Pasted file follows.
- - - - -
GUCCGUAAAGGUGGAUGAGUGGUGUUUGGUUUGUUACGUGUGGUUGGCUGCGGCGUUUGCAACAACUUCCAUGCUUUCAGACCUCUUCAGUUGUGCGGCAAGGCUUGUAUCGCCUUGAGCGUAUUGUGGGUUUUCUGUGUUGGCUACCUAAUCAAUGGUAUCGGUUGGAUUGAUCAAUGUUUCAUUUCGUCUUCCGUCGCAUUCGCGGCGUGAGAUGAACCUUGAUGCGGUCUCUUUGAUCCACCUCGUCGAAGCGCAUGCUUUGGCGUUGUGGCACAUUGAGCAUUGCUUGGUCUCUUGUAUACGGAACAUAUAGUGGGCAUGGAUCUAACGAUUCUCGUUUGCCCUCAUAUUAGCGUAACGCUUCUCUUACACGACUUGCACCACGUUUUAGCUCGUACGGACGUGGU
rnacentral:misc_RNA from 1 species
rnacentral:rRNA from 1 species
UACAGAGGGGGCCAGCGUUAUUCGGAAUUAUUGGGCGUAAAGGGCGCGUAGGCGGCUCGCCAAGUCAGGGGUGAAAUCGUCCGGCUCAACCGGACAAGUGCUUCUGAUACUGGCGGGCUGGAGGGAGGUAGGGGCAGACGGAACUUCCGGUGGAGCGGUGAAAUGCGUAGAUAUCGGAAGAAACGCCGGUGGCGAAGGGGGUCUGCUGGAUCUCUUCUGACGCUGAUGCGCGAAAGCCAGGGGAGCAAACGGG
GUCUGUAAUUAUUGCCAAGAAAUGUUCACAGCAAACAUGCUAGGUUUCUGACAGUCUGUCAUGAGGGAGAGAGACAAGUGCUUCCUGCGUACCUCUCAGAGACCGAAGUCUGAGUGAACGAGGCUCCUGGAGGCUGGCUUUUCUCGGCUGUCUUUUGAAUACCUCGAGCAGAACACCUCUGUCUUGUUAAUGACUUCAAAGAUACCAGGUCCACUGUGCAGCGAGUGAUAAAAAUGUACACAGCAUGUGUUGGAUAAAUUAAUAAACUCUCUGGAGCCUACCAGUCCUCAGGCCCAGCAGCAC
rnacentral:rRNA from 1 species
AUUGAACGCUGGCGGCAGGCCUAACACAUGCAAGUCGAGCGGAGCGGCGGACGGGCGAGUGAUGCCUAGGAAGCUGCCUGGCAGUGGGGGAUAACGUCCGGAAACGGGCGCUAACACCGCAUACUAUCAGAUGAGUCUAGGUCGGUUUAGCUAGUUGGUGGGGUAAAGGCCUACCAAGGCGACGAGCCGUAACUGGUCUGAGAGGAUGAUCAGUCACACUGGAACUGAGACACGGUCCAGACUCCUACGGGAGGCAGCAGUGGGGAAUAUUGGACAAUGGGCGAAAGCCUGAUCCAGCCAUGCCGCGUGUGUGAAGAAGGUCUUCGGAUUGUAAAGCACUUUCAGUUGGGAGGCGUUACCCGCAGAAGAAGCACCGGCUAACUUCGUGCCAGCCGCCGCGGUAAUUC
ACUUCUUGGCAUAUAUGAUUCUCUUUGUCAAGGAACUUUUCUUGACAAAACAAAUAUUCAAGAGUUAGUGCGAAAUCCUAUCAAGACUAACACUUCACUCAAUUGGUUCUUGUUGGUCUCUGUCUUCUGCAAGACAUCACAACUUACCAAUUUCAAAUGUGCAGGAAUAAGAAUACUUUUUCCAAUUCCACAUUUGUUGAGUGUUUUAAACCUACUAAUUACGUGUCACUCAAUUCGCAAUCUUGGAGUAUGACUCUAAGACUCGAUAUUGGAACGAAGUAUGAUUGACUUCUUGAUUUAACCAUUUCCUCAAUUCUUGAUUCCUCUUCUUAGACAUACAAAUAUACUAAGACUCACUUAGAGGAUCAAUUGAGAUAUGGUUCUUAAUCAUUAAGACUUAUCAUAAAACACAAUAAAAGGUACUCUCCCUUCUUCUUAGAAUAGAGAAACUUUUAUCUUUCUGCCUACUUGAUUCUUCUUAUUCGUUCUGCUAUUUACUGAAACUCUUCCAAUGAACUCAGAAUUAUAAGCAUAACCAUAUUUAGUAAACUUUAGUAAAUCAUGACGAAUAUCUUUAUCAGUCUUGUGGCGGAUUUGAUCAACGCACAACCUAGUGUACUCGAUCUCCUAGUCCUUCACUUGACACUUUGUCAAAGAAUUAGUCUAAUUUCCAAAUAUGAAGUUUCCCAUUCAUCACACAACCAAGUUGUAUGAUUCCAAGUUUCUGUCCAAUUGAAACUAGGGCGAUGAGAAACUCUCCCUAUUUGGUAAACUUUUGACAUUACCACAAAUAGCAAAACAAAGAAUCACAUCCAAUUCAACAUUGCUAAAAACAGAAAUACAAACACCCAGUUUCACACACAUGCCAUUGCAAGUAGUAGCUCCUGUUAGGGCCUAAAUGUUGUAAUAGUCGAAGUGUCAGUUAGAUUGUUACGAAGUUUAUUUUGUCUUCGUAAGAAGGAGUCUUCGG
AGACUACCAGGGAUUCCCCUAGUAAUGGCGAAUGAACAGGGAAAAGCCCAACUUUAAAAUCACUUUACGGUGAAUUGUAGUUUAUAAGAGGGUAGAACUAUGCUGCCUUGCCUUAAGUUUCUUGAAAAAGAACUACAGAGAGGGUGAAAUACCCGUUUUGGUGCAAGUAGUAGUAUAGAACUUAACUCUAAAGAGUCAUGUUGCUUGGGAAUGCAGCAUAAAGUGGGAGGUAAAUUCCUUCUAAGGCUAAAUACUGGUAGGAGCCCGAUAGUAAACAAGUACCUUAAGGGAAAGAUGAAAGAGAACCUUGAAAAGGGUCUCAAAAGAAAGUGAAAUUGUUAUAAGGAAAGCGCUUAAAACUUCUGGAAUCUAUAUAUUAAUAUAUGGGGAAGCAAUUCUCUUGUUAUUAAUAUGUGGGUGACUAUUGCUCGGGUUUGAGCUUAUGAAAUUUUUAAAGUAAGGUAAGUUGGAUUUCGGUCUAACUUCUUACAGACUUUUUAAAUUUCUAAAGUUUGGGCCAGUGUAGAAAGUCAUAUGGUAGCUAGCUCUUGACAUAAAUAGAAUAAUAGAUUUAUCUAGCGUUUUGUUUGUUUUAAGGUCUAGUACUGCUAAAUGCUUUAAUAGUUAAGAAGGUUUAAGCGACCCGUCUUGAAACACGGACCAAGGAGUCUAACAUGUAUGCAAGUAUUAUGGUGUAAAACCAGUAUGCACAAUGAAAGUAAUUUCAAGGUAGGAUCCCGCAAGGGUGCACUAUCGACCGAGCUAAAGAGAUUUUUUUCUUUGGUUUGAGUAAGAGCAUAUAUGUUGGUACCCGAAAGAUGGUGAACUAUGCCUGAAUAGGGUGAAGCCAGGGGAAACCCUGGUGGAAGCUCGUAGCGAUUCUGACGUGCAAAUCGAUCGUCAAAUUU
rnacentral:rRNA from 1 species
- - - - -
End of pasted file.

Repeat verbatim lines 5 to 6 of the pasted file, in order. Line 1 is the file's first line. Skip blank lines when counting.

GUCUGUAAUUAUUGCCAAGAAAUGUUCACAGCAAACAUGCUAGGUUUCUGACAGUCUGUCAUGAGGGAGAGAGACAAGUGCUUCCUGCGUACCUCUCAGAGACCGAAGUCUGAGUGAACGAGGCUCCUGGAGGCUGGCUUUUCUCGGCUGUCUUUUGAAUACCUCGAGCAGAACACCUCUGUCUUGUUAAUGACUUCAAAGAUACCAGGUCCACUGUGCAGCGAGUGAUAAAAAUGUACACAGCAUGUGUUGGAUAAAUUAAUAAACUCUCUGGAGCCUACCAGUCCUCAGGCCCAGCAGCAC
rnacentral:rRNA from 1 species